I think part of the problem is a fundamental philosophical question: Is health care a right or a commodity? Many on the right view health care as a commodity that should be purchased by users, and that the market system can bring about the most equitable distribution of resources in the most efficient manner. Many on the left view health care as a basic right of people that should be assured by the government, which leads them to propose government-run health care. (The U.S. is the only Western country that does not have government-run health care.)

If health care is a commodity, then how do we make the health care system operate in an open-market way? The prices for doctors and procedures and prescriptions are normally not available for everyone to see prior to making a decision on what health care to receive. It is nearly impossible to compare prices between one provider and another. Even if “list prices” were fully available, the price negotiated by each insurance company is different and normally not available for comparison. So the “shopper” for health care has to buy a product for which he/she does not know the cost.

Furthermore, people often make health care decisions under duress. The patient has a difficult or painful condition that needs to be resolved ASAP. Even if it were possible to compare prices, taking time in midst of the pain often makes it unrealistic to “shop around.” It is one thing to compare prices for routine physicals or planned elective procedures. It is quite a different thing to be lying in a hospital bed being told you need an emergency heart bypass operation and then to look at three different hospitals and three different doctors to get the best price on the operation.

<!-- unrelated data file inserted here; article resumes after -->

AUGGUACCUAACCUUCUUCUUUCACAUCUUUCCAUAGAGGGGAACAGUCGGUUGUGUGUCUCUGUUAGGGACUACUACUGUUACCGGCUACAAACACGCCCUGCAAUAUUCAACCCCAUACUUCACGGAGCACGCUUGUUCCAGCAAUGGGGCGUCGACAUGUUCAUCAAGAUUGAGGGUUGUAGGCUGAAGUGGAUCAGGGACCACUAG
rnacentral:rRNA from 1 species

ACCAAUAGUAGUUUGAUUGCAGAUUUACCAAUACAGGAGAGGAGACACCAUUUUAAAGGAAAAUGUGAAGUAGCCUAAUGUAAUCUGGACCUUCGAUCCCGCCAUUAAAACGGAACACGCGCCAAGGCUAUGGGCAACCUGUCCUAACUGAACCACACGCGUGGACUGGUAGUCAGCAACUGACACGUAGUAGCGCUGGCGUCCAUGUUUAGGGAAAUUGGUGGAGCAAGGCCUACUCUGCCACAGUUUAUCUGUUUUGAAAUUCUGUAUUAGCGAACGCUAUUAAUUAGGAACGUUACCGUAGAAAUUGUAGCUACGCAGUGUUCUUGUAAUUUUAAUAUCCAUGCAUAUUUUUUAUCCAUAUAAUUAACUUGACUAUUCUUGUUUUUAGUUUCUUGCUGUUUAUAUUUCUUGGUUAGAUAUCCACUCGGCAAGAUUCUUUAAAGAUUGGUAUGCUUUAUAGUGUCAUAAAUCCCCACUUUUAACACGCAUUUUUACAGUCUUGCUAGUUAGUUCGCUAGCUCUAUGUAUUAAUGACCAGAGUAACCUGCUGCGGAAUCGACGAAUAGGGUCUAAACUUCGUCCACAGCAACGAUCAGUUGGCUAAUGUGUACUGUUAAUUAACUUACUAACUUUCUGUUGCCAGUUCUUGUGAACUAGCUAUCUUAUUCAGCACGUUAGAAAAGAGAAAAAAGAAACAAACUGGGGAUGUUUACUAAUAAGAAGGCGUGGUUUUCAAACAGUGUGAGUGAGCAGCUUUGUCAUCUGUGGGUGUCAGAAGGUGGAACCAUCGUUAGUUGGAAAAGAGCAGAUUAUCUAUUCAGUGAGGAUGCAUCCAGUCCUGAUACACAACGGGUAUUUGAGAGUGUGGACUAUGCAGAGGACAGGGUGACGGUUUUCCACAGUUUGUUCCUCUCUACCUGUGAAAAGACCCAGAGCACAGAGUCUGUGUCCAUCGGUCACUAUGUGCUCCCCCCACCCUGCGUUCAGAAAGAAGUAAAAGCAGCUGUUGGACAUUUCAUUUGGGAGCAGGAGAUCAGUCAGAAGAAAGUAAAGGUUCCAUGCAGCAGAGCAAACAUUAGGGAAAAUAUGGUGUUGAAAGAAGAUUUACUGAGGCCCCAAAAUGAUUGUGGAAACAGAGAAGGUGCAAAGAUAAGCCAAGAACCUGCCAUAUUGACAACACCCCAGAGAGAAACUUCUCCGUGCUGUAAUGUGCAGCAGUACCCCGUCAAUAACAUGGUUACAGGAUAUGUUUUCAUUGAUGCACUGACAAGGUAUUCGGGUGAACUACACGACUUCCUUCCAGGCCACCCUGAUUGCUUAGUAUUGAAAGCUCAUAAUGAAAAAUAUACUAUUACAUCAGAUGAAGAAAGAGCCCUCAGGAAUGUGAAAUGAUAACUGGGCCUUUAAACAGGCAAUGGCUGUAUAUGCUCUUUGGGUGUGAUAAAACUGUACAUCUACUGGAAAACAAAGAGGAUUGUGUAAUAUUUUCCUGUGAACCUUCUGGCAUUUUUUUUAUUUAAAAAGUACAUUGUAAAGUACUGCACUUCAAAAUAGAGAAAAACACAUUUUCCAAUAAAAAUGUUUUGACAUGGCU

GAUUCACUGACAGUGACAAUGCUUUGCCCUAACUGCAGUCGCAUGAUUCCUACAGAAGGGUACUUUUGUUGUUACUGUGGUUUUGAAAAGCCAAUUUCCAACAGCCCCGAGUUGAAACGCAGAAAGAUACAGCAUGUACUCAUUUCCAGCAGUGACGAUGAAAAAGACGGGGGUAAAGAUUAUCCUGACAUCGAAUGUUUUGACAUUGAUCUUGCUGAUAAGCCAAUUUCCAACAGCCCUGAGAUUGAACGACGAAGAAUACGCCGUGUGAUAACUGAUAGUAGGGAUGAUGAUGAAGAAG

Finally, if health care is a commodity, how do we ensure that everyone can get treatment? How do we prevent a situation where people who can afford health care receive it, and those who cannot afford it either receive substandard care or no care at all—leading to chronic loss of health or even death? It’s not like we’re looking at the difference between a Chevrolet and a Cadillac. Both cars will get you around, one with more comfort and luxury than the other. But cancer treatment is not a luxury—it is an essential. And some cancer treatments are better than others. If I can’t afford the best treatments, does that mean I have to be resigned to an earlier death?

Some people are afraid of the idea of “rationing” health care. This is usually framed as government bureaucrats determining which health treatments will be covered and which will not, and which patients are eligible to receive which treatments. But “rationing” is already going on. It is not the government bureaucrats, but the health insurance bureaucrats who are determining which treatments will be covered and who will receive them. And health care is now being rationed by income, in the sense that the rich or those with good jobs can receive whatever care they want, while the rest of the population are excluded from certain treatments because they cost too much.

I don’t know the answer to solving the health care crisis. I have read some good ideas that could make things better. But until we decide whether health care is a commodity or a right, we will be at loggerheads in trying to fashion a solution. As Christians, I think we need to apply the lens of justice and fairness to proposed solutions. I’m not sure I would want to face the Lord on judgment day after telling a couple, “I’m sorry, we cannot give your seven-year-old daughter treatment for her leukemia because you didn’t come up with the $70,000 it will cost.”

What do you think? How should our Christian values influence our opinion on resolving the health care crisis?

10 thoughts on “Health Care Justice